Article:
POS: 9 23.4S 137 09.3W
The daily pattern of the wind remains the same – a slight increase after dark, then a slight moderation in the early hours.
Shortly after an increase in the wind there is typically an increase in the sea state. The seas are coming from the quarter – about 30 – 45 degrees from the back of the boat, and they overtake the boat. They pick up the stern sending us on a bit of a sleigh ride (depending on their size), then pass by and we wait for the next one. If they come from exactly behind the boat just pitches and accelerates, whereas if they come from one side, the boat also rolls – sometimes it seems quite violent, especially in the pitch black. Its not harmful, but can be a little unnerving especially for Lesley who much prefers slow and steady to fast and furious. I was greeted in the companionway by a somewhat traumatized face at about 23.30. The movement of the boat had woken Lesley and she was clearly not best pleased with the idea of watch duty in the current conditions! We were being rolled from one side to the other and the rumbling and roar of the water passing down the sides of the boat as we surfed at up to 12 kts down the faces of the waves with the sky so black you couldn’t even see the horizon was not her ideal choice of midnight past time! Of course if necessary she would have taken over, but I was enjoying it so settled in for a long night.
Come 3 am the breeze had died down a little and consequently so had the waves so Lesley appeared and I got some rest and by the morning she was in fine spirits having declared that despite the conditions, she had not had to trim the Parasailor or alter the course once during the watch and it was actually quite fine – she had done some work, watched some recorded TV and read her book. Its all down to familiarity and experience – ocean sailing sometimes pushes the bounds of your comfort zone but the more you do it the more you get used to it and hopefully the less you fear it. Toasted freshly baked bread and Tea saw Lesley retire for a well deserved rest.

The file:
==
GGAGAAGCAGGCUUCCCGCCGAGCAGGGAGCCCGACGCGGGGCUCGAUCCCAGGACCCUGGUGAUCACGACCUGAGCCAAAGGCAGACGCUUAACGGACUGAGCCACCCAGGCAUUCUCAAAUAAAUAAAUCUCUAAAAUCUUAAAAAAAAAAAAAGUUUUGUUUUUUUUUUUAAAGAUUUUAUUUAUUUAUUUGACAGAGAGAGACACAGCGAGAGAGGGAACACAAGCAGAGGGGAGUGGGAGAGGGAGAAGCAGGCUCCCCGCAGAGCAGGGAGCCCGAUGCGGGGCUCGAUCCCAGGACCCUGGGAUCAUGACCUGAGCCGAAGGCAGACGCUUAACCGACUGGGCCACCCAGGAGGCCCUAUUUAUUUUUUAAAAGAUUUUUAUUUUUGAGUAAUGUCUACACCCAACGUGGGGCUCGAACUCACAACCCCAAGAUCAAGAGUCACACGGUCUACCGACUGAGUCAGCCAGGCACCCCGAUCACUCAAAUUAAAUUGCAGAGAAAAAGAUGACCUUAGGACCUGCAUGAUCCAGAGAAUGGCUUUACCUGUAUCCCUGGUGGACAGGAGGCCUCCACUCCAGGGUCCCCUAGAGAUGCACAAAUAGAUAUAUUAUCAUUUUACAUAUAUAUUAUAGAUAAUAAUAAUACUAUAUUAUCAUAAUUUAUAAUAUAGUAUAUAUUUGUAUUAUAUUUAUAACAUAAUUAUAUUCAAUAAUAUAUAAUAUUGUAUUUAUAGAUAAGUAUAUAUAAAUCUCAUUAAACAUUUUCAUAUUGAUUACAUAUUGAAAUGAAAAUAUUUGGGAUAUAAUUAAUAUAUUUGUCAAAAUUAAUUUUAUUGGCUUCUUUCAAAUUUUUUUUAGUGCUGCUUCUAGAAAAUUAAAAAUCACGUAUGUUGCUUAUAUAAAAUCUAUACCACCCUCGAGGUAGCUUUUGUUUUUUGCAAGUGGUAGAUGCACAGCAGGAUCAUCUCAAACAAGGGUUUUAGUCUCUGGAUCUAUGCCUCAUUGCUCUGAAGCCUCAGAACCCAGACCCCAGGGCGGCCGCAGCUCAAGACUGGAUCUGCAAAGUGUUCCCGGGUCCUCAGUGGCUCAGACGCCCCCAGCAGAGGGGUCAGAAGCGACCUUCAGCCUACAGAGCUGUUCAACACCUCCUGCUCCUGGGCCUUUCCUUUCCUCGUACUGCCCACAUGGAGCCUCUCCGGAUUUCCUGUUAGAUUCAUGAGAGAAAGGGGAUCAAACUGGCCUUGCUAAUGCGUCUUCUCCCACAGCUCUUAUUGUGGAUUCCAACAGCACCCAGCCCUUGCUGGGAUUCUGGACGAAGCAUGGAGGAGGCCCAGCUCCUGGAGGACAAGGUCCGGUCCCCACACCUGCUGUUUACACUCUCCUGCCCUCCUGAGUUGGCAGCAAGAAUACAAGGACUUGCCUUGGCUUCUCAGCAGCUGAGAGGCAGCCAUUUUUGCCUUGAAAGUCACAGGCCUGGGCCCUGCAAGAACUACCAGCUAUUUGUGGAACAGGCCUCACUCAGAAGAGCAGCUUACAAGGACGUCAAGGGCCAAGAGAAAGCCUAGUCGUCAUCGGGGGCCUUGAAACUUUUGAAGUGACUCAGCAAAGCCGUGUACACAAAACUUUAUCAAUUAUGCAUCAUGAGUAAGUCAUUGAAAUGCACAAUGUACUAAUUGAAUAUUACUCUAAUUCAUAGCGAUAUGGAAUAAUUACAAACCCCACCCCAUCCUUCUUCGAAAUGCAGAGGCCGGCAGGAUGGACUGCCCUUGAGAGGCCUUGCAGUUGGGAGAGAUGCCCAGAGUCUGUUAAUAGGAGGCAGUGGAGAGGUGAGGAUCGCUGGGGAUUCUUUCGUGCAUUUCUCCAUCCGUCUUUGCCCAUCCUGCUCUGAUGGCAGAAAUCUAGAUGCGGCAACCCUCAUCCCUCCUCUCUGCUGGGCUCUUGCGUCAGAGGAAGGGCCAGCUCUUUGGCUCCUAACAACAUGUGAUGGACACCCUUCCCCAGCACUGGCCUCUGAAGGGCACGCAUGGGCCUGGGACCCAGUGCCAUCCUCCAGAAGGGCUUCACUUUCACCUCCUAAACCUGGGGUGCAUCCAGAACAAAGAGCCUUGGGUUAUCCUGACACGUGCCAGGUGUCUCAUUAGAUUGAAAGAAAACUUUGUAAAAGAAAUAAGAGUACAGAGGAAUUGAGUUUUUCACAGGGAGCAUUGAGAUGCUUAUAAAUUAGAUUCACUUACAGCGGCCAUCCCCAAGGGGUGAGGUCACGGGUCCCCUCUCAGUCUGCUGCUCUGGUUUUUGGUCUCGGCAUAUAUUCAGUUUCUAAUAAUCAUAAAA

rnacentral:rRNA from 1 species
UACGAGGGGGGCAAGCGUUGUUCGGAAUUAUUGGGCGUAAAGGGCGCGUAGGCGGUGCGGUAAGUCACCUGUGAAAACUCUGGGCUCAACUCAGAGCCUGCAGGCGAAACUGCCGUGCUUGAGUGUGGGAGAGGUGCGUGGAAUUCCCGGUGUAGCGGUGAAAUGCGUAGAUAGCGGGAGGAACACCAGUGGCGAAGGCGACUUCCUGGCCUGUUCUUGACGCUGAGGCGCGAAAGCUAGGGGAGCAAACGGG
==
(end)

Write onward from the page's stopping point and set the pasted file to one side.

Considering just a few years ago even the thought of crossing the Atlantic on a fully crewed boat terrified Lesley, to now be so close to finishing the longest ocean crossing people normally do anywhere in the world just two up, meaning she is basically single handedly sailing the boat whenever I am off watch is an amazing achievement!
For the rest of the day the routing software showed a pretty much straight line to Hiva Oa, our destination, so there was little to be done regarding sailing the boat – a few tweaks to sheet angles and course and enjoy the sunshine and catch up on a bit of sleep. With flatter seas we both managed to do so.
Nothing broke and we made good speed – we took another 193 nm off the distance to go so a successful day all round.
As I write this, somewhat belatedly we have 109 nm to go so with any luck today will be our final day of this journey!
All is good on board.